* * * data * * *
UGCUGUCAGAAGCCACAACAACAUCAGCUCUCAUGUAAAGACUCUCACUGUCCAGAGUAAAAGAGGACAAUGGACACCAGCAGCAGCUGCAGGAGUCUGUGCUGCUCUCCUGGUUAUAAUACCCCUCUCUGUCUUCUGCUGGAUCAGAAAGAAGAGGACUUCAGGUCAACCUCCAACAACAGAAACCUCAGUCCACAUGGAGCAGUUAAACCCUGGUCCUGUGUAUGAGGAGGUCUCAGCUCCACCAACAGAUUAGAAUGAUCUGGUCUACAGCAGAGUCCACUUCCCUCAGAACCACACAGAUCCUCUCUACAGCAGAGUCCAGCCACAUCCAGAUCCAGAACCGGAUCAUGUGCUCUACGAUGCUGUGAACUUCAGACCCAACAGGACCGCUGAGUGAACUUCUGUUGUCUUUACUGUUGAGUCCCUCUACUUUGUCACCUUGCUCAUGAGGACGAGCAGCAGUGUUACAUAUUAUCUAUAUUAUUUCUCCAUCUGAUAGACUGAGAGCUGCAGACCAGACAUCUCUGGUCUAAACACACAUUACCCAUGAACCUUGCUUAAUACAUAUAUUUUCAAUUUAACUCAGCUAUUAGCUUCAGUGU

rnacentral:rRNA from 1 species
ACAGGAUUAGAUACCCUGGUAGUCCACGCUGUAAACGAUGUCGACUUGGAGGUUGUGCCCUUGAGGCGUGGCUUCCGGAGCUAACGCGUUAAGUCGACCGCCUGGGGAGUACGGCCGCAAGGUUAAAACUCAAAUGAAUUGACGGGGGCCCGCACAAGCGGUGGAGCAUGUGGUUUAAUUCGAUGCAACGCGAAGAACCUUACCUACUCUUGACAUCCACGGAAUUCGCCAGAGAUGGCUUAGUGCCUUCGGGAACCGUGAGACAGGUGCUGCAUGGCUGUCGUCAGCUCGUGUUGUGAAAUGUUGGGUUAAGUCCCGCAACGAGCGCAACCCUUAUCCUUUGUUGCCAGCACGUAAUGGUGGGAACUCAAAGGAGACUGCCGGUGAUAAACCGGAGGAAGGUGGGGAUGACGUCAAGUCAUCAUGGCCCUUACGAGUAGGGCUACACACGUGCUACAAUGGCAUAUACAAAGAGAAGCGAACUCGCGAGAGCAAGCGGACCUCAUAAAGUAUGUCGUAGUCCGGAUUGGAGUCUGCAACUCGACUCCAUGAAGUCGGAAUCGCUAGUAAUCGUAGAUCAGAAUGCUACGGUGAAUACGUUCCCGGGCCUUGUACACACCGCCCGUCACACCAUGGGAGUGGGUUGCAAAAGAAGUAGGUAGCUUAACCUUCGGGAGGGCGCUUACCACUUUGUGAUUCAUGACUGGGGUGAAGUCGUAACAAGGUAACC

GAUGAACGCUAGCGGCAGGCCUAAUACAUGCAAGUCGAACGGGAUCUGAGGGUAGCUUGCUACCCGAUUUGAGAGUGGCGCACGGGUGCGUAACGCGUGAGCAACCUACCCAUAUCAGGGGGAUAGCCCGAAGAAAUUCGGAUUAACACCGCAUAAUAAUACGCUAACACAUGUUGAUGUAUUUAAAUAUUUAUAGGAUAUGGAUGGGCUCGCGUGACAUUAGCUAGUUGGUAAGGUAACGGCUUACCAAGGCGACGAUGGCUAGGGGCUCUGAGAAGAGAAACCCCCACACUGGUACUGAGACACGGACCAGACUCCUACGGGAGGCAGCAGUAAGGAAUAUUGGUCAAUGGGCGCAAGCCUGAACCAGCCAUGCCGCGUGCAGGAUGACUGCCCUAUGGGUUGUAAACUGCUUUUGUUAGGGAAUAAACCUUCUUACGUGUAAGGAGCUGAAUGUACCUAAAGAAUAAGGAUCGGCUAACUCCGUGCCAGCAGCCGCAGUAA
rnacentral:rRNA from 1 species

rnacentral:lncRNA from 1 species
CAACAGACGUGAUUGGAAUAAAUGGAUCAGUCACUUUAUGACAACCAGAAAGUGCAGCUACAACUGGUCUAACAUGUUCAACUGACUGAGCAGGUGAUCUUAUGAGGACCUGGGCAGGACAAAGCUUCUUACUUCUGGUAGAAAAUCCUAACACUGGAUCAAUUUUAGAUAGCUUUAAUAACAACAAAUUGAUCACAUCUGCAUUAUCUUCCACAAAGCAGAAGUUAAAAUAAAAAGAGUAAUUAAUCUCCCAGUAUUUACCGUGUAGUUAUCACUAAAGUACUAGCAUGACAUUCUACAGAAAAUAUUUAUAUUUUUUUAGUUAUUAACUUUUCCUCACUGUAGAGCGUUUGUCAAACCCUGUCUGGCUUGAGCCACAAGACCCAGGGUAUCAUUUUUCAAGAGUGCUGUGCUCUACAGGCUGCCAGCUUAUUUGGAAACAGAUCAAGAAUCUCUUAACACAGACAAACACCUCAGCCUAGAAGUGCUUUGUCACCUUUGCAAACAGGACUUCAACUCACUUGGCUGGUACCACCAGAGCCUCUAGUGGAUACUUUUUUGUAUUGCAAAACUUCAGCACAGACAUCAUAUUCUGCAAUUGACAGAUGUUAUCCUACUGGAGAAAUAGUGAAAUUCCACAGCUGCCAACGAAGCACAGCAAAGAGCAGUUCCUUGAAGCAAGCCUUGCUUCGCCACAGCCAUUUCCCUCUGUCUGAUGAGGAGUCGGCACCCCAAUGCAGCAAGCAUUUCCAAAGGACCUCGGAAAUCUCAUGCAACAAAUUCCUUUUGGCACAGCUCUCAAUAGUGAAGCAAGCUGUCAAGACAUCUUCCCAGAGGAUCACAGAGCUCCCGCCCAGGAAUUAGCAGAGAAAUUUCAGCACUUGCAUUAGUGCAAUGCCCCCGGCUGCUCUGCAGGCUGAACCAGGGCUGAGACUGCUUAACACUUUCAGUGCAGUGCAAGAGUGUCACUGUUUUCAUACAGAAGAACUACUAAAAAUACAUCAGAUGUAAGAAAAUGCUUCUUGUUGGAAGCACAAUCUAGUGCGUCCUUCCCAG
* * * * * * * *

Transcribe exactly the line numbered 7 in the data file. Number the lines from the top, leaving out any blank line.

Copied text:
CAACAGACGUGAUUGGAAUAAAUGGAUCAGUCACUUUAUGACAACCAGAAAGUGCAGCUACAACUGGUCUAACAUGUUCAACUGACUGAGCAGGUGAUCUUAUGAGGACCUGGGCAGGACAAAGCUUCUUACUUCUGGUAGAAAAUCCUAACACUGGAUCAAUUUUAGAUAGCUUUAAUAACAACAAAUUGAUCACAUCUGCAUUAUCUUCCACAAAGCAGAAGUUAAAAUAAAAAGAGUAAUUAAUCUCCCAGUAUUUACCGUGUAGUUAUCACUAAAGUACUAGCAUGACAUUCUACAGAAAAUAUUUAUAUUUUUUUAGUUAUUAACUUUUCCUCACUGUAGAGCGUUUGUCAAACCCUGUCUGGCUUGAGCCACAAGACCCAGGGUAUCAUUUUUCAAGAGUGCUGUGCUCUACAGGCUGCCAGCUUAUUUGGAAACAGAUCAAGAAUCUCUUAACACAGACAAACACCUCAGCCUAGAAGUGCUUUGUCACCUUUGCAAACAGGACUUCAACUCACUUGGCUGGUACCACCAGAGCCUCUAGUGGAUACUUUUUUGUAUUGCAAAACUUCAGCACAGACAUCAUAUUCUGCAAUUGACAGAUGUUAUCCUACUGGAGAAAUAGUGAAAUUCCACAGCUGCCAACGAAGCACAGCAAAGAGCAGUUCCUUGAAGCAAGCCUUGCUUCGCCACAGCCAUUUCCCUCUGUCUGAUGAGGAGUCGGCACCCCAAUGCAGCAAGCAUUUCCAAAGGACCUCGGAAAUCUCAUGCAACAAAUUCCUUUUGGCACAGCUCUCAAUAGUGAAGCAAGCUGUCAAGACAUCUUCCCAGAGGAUCACAGAGCUCCCGCCCAGGAAUUAGCAGAGAAAUUUCAGCACUUGCAUUAGUGCAAUGCCCCCGGCUGCUCUGCAGGCUGAACCAGGGCUGAGACUGCUUAACACUUUCAGUGCAGUGCAAGAGUGUCACUGUUUUCAUACAGAAGAACUACUAAAAAUACAUCAGAUGUAAGAAAAUGCUUCUUGUUGGAAGCACAAUCUAGUGCGUCCUUCCCAG